The first sign the Caitlin Clark discourse might get a little weird came back in February, and Clark wasn’t even in the building.

Sabrina Ionescu, the New York Liberty star, had just put on a dazzling performance in a 3-point contest against Stephen Curry, losing to the greatest shooter in history but with a point total better than most of the NBA shooters who contested the event earlier that night.

On the TV broadcast, Kenny Smith’s immediate response to her display was that she should have shot from the WNBA’s closer 3-point line instead of from behind the NBA arc. The contest wasn’t fair, he lamented.

It was an odd reaction. Instead of celebrating Ionescu’s feat, one of the more genuinely exciting moments at an NBA All-Star Weekend in recent years, Smith implied that she shouldn’t have even tried to match Curry shot for shot. It came off as condescending.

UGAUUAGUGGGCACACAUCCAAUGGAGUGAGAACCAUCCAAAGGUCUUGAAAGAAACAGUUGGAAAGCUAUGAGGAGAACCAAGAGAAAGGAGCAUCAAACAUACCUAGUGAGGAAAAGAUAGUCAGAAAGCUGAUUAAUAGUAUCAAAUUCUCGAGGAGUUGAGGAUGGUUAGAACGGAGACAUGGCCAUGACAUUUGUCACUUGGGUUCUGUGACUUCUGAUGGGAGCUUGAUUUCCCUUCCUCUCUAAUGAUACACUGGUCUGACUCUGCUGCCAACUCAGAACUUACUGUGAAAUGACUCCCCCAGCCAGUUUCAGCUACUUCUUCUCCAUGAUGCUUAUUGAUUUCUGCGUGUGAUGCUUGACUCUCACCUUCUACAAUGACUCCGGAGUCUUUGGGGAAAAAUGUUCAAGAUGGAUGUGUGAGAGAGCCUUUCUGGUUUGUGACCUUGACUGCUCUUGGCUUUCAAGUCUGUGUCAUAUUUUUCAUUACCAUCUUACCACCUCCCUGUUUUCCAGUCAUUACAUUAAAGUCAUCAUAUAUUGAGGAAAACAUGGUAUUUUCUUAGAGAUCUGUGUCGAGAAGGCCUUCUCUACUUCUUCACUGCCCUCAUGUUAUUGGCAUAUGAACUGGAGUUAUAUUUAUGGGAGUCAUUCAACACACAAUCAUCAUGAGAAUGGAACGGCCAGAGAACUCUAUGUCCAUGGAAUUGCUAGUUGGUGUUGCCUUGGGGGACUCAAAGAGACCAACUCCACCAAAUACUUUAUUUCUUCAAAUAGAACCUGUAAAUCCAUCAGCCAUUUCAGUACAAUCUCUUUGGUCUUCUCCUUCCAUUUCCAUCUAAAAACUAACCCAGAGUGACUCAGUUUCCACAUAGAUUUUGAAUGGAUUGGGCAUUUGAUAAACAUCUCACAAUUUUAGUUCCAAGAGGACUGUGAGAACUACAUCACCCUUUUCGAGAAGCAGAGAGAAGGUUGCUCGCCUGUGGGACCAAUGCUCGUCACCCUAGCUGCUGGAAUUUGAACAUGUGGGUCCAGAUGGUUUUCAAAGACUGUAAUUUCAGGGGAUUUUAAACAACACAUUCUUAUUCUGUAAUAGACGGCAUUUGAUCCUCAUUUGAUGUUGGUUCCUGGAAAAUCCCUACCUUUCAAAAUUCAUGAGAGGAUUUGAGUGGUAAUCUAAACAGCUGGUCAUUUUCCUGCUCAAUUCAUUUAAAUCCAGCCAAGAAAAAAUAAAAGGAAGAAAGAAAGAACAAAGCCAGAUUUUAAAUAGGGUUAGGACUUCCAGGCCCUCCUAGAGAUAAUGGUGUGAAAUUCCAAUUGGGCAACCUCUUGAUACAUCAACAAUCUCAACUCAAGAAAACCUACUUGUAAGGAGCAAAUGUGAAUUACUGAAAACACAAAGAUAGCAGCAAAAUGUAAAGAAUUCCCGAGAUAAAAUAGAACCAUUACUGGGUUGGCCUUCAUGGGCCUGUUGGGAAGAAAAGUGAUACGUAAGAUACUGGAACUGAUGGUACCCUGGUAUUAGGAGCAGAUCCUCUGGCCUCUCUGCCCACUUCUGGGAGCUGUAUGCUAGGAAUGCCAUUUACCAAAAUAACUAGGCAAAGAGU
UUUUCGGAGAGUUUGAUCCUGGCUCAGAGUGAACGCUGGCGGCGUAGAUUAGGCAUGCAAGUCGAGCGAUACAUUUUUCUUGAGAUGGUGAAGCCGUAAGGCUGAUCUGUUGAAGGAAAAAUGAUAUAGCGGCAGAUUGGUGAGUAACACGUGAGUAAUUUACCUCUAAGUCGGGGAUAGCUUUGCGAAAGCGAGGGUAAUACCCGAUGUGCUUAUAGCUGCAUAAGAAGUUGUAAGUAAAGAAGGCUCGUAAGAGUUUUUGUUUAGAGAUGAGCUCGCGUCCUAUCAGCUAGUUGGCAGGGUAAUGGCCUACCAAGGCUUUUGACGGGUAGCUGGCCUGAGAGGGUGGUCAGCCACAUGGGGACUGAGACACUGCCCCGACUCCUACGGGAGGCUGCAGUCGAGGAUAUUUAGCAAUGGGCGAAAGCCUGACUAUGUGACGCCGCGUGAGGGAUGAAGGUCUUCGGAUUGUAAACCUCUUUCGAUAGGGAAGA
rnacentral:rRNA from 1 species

It’s a pattern that’s been repeated as Clark burst into the WNBA as its most heralded rookie ever, only to be on the receiving end of lopsided losses and rough treatment. Analysts who never before paid attention to women’s basketball have weighed in with an assortment of opinions both well-meaning and insulting. Outlets that normally don’t even pay attention to sports have acted as though Clark is a delicate flower to be protected from her dangerous opponents. And even the backlash to all that has become overheated, with claims that Clark is in fact overrated and that nothing that’s happened to her is unusual in WNBA terms.

It’s as though there’s an imbalance in the take industry. Deep breaths, everyone.

The cycle began before Clark made her WNBA debut when players like retired legend Sheryl Swoopes and active legend Diana Taurasi made fairly routine assessments of what they expected the incoming all-time NCAA scoring leader to do in the pros. Swoopes said Clark wouldn’t be able to match her college stats straightaway and Taurasi said rookies often have an adjustment period. “Reality is coming,” Taurasi said, explaining that there’s a difference between playing against teenagers in college and against seasoned professionals.